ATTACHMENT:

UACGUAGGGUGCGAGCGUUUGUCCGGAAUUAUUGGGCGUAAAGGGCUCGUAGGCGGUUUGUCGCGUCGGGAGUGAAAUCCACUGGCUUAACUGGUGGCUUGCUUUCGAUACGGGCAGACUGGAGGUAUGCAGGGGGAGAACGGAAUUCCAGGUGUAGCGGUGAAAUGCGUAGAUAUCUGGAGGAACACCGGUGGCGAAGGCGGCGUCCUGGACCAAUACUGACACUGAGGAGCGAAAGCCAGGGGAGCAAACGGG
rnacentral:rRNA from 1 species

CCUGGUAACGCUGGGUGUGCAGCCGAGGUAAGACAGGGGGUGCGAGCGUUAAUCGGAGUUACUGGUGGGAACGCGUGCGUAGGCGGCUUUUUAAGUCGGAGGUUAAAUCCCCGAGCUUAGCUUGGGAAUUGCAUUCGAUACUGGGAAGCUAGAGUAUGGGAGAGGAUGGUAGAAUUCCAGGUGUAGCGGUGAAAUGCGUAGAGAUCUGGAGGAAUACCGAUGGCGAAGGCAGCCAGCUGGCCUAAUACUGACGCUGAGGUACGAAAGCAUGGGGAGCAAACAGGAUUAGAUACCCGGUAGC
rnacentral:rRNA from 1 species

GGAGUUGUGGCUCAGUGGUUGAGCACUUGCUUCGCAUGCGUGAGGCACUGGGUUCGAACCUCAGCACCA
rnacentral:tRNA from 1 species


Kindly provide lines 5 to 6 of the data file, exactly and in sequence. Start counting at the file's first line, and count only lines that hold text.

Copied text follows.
GGAGUUGUGGCUCAGUGGUUGAGCACUUGCUUCGCAUGCGUGAGGCACUGGGUUCGAACCUCAGCACCA
rnacentral:tRNA from 1 species